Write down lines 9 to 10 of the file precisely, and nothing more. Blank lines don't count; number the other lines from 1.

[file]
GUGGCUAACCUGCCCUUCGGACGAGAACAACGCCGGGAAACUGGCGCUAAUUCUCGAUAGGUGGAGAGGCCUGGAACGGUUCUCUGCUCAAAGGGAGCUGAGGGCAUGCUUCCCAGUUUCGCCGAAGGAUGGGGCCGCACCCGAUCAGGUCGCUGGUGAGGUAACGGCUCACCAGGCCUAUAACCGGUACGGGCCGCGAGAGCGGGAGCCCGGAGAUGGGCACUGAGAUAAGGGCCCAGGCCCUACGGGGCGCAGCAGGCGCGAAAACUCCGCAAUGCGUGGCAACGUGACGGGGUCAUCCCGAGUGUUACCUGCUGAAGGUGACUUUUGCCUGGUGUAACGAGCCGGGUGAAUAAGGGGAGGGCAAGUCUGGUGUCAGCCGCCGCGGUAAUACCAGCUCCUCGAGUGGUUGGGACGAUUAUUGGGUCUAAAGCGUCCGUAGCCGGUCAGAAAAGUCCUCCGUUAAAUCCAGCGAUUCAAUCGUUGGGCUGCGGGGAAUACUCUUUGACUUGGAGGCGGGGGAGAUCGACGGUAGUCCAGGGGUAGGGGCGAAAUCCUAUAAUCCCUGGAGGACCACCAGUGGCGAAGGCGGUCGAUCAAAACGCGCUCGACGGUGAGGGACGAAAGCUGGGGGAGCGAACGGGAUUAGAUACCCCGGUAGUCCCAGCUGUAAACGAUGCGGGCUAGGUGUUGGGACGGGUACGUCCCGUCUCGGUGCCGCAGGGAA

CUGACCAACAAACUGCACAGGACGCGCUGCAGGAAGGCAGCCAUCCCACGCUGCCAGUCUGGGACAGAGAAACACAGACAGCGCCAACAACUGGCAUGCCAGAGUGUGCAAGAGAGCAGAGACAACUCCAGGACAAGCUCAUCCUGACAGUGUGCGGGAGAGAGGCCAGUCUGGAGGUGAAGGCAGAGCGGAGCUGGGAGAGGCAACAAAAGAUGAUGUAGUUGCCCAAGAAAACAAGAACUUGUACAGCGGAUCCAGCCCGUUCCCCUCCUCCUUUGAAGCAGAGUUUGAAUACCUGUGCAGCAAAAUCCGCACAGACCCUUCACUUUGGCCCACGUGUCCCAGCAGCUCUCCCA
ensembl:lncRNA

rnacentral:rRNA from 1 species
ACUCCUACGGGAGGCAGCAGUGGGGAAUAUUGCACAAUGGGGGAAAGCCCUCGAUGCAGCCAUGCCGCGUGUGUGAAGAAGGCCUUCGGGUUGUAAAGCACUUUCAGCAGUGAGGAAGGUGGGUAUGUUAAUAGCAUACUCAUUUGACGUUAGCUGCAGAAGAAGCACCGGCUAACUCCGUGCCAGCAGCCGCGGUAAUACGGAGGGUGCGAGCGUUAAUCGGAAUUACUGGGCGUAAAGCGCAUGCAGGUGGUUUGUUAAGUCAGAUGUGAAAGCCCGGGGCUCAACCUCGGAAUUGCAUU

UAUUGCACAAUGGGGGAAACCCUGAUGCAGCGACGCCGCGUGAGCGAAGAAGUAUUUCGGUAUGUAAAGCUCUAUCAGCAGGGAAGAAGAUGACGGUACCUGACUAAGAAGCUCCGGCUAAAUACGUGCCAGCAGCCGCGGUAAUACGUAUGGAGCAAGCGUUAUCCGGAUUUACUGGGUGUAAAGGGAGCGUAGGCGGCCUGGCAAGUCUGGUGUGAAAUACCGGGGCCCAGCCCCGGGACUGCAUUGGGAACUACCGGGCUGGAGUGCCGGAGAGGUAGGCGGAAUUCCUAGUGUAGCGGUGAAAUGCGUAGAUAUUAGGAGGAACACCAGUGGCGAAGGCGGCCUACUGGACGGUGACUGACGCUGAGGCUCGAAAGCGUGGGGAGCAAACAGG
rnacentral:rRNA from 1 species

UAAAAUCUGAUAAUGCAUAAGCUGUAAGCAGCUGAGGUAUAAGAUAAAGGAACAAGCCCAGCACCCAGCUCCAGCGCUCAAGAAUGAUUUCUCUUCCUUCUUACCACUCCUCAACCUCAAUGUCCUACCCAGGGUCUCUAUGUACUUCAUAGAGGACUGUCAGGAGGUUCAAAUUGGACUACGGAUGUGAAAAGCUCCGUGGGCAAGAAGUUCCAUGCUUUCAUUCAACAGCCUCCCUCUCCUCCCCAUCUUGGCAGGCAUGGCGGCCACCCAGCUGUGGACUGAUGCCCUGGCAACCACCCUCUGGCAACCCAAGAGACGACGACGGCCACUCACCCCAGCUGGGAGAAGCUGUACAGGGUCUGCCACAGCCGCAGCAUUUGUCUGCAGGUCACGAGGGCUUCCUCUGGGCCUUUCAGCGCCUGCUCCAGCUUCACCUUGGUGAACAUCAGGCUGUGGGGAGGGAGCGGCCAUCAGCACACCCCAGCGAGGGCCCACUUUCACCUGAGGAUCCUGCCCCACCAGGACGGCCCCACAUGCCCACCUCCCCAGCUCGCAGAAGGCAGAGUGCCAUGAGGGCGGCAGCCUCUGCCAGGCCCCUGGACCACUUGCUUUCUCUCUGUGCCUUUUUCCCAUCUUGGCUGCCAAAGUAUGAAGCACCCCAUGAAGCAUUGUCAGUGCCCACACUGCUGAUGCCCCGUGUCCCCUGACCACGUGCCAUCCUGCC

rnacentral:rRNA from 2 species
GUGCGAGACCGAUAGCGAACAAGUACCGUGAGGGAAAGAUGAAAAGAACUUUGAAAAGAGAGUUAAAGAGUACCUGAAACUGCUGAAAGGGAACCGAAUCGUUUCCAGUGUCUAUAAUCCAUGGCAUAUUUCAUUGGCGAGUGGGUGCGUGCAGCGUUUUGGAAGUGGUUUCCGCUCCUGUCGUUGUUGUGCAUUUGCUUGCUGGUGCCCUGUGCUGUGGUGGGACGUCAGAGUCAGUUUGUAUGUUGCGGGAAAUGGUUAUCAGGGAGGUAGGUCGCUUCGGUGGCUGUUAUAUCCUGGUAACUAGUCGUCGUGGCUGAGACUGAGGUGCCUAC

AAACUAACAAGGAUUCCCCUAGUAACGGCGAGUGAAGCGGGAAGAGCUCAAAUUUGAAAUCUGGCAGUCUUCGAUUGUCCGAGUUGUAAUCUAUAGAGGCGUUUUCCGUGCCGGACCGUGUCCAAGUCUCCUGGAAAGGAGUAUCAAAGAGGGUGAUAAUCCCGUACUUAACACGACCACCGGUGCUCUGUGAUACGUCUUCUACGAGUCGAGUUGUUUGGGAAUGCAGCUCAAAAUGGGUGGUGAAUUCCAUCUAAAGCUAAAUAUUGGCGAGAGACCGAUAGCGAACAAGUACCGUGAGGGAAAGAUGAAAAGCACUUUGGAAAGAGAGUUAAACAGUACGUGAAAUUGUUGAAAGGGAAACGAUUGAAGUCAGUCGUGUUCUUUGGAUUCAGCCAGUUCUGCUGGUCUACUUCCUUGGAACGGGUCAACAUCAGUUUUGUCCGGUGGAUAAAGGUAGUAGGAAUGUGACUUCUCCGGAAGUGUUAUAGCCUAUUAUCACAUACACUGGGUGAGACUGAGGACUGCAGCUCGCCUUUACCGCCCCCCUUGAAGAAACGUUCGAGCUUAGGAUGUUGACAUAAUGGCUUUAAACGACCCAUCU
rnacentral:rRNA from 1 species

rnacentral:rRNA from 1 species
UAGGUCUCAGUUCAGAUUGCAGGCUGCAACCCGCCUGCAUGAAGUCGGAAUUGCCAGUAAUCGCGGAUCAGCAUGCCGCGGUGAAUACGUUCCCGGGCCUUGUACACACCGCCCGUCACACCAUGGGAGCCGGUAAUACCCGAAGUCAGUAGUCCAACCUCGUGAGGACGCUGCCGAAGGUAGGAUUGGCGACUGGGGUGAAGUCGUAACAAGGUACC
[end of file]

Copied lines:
rnacentral:rRNA from 2 species
GUGCGAGACCGAUAGCGAACAAGUACCGUGAGGGAAAGAUGAAAAGAACUUUGAAAAGAGAGUUAAAGAGUACCUGAAACUGCUGAAAGGGAACCGAAUCGUUUCCAGUGUCUAUAAUCCAUGGCAUAUUUCAUUGGCGAGUGGGUGCGUGCAGCGUUUUGGAAGUGGUUUCCGCUCCUGUCGUUGUUGUGCAUUUGCUUGCUGGUGCCCUGUGCUGUGGUGGGACGUCAGAGUCAGUUUGUAUGUUGCGGGAAAUGGUUAUCAGGGAGGUAGGUCGCUUCGGUGGCUGUUAUAUCCUGGUAACUAGUCGUCGUGGCUGAGACUGAGGUGCCUAC